Pope John Paul II in Battery Park, New York, 1979. Photo by Gilles Peress/Magnum


The war on Rome

For centuries, Americans saw the Catholic Church as a dangerous foreign enemy. Not any more. What changed?

by Maura Jane Farrelly + BIO

Pope John Paul II in Battery Park, New York, 1979. Photo by Gilles Peress/Magnum

For nearly 350 years, anti-Catholic bias was a reliable and powerful presence in the political and religious culture of the United States. Today, when the Louisiana governor Bobby Jindal, for example, insists that Muslim immigrants ‘want to use our freedoms to undermine… freedom’, it can be easy to forget that for most of US history, Catholicism, not Islam, was the bogeyman against which Americans defined themselves as a free, noble and (some have said) ‘chosen’ people.

It was a desire to get away from what the English Puritan Samuel Mather in 1672 called ‘the manifold Apostasies, Heresies, and Schisms of the Church of Rome’ that drove the Puritans to Massachusetts in the 1620s and ’30s. They believed that the Church of England was tainted by the remnants of Catholic theology, and they thought these ‘popish relics’ destroyed the freedom people needed in order to accept salvation from God. Because Americans held onto this Puritan understanding of Catholicism for centuries, the idea that the founding of Massachusetts had been a bold bid for ‘freedom’ became an almost religious truth. Even though people were actually executed and banished in colonial Massachusetts because they held ideas about religion that were considered ‘newe & dangerous’, schoolchildren still learn this myth in US classrooms.

In 1774, John Adams felt sorry for the Catholics he observed at a mass in Philadelphia. The ‘poor wretches,’ the future US president told his wife, were ‘fingering their beads [and] chanting in Latin, not a word of which they understood’. A century later, the cartoonist Thomas Nast was less sympathetic on the pages of Harper’s Weekly. Nast’s Catholics in the 1860s and ’70s were violent and drunk ‘Paddys’ and ‘Bridgets’ too ignorant to think for themselves and dominated by priests who worked to obliterate the separation between church and state.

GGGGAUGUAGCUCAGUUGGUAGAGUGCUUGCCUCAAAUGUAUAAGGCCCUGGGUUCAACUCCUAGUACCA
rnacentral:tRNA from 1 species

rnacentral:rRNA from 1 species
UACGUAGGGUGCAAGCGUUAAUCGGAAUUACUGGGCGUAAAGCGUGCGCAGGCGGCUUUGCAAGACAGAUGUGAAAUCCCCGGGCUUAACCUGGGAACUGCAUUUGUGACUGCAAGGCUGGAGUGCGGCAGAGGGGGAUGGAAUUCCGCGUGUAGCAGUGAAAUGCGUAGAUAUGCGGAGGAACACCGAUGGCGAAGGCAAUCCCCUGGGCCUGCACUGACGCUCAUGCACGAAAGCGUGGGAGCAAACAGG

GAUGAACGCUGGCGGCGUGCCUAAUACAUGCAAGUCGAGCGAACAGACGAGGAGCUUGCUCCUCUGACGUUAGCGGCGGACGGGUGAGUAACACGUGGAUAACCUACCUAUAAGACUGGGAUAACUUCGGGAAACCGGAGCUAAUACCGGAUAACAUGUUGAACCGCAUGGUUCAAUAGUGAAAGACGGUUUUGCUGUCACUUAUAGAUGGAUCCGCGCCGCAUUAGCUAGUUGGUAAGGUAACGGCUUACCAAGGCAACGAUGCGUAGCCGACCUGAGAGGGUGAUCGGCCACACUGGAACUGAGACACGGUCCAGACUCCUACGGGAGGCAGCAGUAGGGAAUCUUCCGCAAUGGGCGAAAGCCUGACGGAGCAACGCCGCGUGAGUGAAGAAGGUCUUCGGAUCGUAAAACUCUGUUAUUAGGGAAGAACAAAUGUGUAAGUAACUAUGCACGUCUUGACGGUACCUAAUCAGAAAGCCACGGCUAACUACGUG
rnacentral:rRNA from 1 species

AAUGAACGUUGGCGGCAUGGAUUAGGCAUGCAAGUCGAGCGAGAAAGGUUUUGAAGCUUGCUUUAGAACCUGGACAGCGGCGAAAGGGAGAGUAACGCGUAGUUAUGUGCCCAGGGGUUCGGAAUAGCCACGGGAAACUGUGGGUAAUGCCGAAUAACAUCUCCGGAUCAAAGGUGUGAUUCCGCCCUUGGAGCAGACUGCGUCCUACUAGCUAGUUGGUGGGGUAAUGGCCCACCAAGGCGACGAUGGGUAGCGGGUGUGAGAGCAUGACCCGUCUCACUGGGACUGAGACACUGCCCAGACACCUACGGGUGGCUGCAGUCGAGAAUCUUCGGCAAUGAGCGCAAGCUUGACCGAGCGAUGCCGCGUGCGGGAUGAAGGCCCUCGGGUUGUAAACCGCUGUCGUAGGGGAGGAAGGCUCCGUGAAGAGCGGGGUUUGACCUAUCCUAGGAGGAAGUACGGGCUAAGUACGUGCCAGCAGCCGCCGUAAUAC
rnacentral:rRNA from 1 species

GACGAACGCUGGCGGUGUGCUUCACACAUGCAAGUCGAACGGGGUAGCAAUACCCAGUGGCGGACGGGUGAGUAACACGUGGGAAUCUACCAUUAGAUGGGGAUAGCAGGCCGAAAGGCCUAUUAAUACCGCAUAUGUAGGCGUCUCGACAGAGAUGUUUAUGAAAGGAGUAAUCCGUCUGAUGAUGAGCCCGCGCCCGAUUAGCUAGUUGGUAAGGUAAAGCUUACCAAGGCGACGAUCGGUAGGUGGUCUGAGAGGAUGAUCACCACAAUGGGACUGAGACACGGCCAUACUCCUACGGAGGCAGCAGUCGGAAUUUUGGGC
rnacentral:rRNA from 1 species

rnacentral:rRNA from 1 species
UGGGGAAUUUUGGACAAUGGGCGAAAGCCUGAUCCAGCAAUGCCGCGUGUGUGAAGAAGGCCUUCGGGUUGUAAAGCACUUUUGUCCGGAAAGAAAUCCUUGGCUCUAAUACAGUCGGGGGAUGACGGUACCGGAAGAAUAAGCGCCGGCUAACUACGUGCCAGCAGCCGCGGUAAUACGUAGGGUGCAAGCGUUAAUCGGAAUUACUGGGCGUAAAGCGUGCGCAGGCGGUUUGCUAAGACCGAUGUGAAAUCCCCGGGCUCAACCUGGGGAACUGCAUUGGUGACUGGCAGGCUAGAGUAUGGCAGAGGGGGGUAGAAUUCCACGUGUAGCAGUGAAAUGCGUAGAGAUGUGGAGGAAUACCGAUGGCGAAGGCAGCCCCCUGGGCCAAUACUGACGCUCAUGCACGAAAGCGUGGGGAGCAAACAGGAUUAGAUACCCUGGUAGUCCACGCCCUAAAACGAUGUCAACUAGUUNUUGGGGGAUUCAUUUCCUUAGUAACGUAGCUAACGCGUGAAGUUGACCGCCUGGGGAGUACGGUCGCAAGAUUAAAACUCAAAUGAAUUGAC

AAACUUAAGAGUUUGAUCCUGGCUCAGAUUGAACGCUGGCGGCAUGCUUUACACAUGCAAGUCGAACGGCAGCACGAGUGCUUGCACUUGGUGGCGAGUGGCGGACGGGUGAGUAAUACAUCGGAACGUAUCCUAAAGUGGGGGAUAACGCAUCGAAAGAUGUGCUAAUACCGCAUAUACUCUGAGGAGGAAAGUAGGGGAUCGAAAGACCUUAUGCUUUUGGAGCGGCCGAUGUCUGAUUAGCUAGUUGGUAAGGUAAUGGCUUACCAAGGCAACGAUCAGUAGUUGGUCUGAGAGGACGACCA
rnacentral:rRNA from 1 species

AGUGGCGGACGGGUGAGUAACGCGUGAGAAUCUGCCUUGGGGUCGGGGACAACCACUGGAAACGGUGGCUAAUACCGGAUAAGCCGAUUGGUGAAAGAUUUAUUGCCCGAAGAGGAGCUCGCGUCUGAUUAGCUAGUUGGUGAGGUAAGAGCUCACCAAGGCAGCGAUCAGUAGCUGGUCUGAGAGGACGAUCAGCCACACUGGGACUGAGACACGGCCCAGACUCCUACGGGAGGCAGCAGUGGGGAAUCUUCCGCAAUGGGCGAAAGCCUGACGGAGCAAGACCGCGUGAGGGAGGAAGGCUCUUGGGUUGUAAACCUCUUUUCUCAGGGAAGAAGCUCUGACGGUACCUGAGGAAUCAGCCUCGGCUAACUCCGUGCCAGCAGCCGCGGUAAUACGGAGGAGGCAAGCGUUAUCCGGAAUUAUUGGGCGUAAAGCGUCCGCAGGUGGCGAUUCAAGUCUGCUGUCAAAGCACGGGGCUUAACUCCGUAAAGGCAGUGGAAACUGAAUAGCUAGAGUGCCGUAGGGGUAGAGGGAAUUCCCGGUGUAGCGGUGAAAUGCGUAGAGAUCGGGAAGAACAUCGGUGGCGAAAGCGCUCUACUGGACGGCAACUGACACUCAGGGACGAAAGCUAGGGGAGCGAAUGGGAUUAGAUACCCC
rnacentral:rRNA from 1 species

In 1960, the self-help guru Norman Vincent Peale worried that Catholic voters were theocracy-loving minions who’d put a man, the Catholic John F Kennedy, in the White House who couldn’t ‘withstand the determined efforts of the hierarchy of his church’ to meddle in US politics. So Peale (the original ‘positive thinker’) formed the National Conference of Citizens for Religious Freedom and campaigned for Richard Nixon.

For most of US history, voters, ministers and lawmakers believed that there was something fundamentally un-American about Roman Catholics. They weren’t ‘free’ – and they couldn’t be free so long as they worshipped within the Church of Rome. Catholics were an element in US culture that had to be kept as far away as possible from the centres of political, military, economic and educational power. Letting such an intrinsically enslaved element ‘have its say’, so to speak, would constitute an existential challenge to the US, since at its core, the country was just an idea – the idea of freedom.